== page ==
- C# 9 and F# 5 language support.
- Improved performance of tailcalls used by F#.
- Improved performance of ToUpperInvariant, string.ToLowerInvariant, and related patterns.
- Improved HTTP 1.1 and HTTP 2 performance.
- An improved call counting mechanism.
- Dynamic expansion of the internal generic dictionary to eliminate performance cliffs hit by generic code.
- A pinned object heap to reduce heap fragmentation.
- Single file applications based on a new single file publishing type that executes an application from a single binary.
.NET 5 Preview 5, released June 10, contains the following new features:
- The RyuJIT JIT compiler has a faster, portable implementation of tailcall helpers. The JIT asks the runtime for help whenever it realizes it will need a helper to perform a tailcall. Also for RyuJIT, there has been continued progress in the ARM64 hardware intrinsics implementation. Other improvements in the RyuJIT involve better speed in a case that was affecting regular expression compilation and improved Intel architecture performance.
- Exports for native binaries with calls into .NET code have been enabled. The building block of this capability is hosting API support for UnManagedCallersOnlyAttribute. The native exports project enables exposing of custom native exports. It does not require a higher-level interop technology like COM and is cross-platform.
- DirectoryServices.Protocols support is being expanded to Linux and MacOS.
- The Alpine 3.12 Linux distribution now is supported.
.NET 5 Preview 6, released June 25, removed built-in support for WinRT (Windows Runtime), a collection of APIs for building Universal Windows Platform applications. This is a breaking change; .NET Core 3.x apps using WinRT must be recompiled. The .NET and Windows teams have been working to change the way WinRT works with Windows, replacing WinRT support with the C#/WinRT toolchain in .NET 5. C#/WinRT is a NuGet-packaged toolkit offering WinRT projection support for C#.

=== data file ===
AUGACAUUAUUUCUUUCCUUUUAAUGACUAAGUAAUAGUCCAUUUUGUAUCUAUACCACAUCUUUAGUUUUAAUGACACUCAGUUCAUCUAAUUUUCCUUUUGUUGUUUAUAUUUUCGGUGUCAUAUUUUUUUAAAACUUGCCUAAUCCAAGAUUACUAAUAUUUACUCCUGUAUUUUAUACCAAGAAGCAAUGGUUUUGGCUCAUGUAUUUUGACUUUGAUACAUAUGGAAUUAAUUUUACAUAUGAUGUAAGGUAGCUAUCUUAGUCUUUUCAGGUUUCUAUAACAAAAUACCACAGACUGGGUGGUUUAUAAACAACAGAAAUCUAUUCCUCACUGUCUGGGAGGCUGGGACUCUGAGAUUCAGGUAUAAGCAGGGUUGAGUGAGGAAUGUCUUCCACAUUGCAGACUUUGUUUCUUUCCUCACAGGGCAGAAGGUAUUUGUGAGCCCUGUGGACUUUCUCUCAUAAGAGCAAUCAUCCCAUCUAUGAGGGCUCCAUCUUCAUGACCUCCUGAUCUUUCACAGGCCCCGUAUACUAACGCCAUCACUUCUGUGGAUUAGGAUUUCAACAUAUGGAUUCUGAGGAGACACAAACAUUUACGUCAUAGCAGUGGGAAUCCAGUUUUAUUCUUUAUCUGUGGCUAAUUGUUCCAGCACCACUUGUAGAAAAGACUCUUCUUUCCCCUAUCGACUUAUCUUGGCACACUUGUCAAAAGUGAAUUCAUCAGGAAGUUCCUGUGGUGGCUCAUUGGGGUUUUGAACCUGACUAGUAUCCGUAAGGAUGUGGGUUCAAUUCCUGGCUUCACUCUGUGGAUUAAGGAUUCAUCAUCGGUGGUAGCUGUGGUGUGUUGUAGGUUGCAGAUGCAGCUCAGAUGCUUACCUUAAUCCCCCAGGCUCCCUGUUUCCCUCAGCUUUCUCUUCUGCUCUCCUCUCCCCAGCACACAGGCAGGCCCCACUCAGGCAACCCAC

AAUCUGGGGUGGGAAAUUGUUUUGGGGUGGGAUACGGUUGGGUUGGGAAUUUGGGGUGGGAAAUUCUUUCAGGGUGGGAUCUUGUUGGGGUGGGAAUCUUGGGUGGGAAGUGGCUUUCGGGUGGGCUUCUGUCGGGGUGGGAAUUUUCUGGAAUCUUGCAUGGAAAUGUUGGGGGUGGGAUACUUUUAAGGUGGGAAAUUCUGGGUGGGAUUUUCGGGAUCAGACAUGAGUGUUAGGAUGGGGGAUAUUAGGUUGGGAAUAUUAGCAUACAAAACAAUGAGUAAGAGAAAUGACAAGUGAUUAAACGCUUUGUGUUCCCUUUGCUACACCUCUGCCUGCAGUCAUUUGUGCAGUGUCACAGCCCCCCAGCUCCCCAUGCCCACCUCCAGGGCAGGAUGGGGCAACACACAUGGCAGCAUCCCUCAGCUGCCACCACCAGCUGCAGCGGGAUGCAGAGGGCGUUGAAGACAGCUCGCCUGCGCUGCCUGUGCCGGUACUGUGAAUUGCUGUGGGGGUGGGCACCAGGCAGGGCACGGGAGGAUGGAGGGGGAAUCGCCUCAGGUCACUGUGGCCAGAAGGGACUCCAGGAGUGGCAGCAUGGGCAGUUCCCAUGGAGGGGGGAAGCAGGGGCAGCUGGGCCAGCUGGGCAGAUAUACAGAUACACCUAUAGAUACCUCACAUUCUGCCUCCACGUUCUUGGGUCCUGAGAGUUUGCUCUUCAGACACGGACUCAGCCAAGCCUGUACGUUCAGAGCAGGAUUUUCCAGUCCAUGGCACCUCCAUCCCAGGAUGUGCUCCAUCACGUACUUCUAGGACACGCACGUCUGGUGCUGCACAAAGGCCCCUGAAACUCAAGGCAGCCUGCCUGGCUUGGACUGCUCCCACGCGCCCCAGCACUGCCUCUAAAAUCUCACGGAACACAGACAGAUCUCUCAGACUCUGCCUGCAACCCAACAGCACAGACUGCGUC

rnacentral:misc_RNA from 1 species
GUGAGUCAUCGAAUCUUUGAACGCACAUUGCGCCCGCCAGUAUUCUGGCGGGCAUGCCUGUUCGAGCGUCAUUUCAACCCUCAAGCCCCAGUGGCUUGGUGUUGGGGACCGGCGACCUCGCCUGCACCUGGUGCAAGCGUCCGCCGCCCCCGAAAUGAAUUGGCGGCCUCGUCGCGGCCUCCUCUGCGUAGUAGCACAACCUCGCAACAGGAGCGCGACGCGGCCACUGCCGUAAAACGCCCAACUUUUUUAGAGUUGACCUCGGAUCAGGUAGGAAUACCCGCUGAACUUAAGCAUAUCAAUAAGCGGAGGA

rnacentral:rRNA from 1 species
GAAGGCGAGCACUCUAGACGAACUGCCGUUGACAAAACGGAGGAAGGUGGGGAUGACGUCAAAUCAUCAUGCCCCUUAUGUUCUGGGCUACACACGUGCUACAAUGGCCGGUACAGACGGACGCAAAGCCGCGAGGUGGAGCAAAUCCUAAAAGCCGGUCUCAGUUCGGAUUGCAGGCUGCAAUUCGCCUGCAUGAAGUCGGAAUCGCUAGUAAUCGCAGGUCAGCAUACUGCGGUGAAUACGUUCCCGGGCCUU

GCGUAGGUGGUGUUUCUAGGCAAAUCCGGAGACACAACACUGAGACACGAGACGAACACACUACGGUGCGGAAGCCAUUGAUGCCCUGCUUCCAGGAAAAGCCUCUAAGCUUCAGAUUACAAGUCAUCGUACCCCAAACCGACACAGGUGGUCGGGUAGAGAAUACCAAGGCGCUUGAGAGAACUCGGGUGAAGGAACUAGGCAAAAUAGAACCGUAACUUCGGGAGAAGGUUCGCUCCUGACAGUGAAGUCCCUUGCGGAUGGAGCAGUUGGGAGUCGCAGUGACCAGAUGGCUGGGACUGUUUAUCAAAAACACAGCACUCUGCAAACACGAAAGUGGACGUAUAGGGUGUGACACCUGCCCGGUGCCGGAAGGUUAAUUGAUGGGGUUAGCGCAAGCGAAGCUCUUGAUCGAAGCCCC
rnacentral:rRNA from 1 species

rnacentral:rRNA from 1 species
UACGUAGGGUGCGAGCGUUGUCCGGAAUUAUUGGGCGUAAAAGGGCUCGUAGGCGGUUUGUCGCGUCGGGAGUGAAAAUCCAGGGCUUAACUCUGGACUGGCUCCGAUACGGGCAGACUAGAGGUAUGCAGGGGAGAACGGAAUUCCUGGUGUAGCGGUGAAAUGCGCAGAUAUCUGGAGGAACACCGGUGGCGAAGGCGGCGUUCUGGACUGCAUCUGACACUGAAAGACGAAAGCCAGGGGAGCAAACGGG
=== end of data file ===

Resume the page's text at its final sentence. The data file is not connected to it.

Other changes in .NET 5 Preview 6:
A bulletin pertaining to Preview 7, which arrived July 21, acknowledges about 250 performance-oriented pull requests in .NET 5 and notes that a pleasant surprise is in store for those who have followed .NET Core performance.
Other additions and improvements noted in the .NET 5 Preview 7 bulletin:
- The new System.text.json JSON API provides the ability to ignore default values for value-type properties when serializing, useful for reducing serialization and wire costs. This is a breaking change. Also added for System.text.json is the ability to deal with circular references when serializing, with API shape now expected to be final.
- Garbage collection now exposes detailed data on the most recent collection, using the GetGCMemoryInfo method, which returns a GCMemoryInfo struct. GCMemoryInfo serves information about machine and heap memory and the most recent collection, or the most recent collection of the kind of GC specified — ephemeral, full blocking, or background. The most likely use cases for this API are logging/monitoring or to indicate to a load balancer that a machine should be taken out of rotation to request a full GC. Another GC change, meanwhile, was made to defer the expensive reset memory operation to low-memory situations.
- Ryujit, the assembly code generator for .NET, gains enhancements ranging from enabling the eliding of some bounds checks to tail duplication improvement and improvements for removal of redundant zero inits. Also featured in Ryujit are ARM64 hardware intrinsics and API optimization.
What is next?
.NET 5.0 will be released in November of 2020 which is just over a year since .NET Core 3 had been released. This signifies a yearly trend of .NET major releases which give further strength to the .NET platform as a development tool of the future.
After .NET 5 (2020+) Microsoft have confirmed that they are planning a full new release of .NET very year in the month of November for the foreseeable future. This includes a Long-Term Support (LTS) version every other year starting with .NET 6.0 in 2021. You should get at least three years of security updates and bug fixes for that time. See image below for the .NET schedule.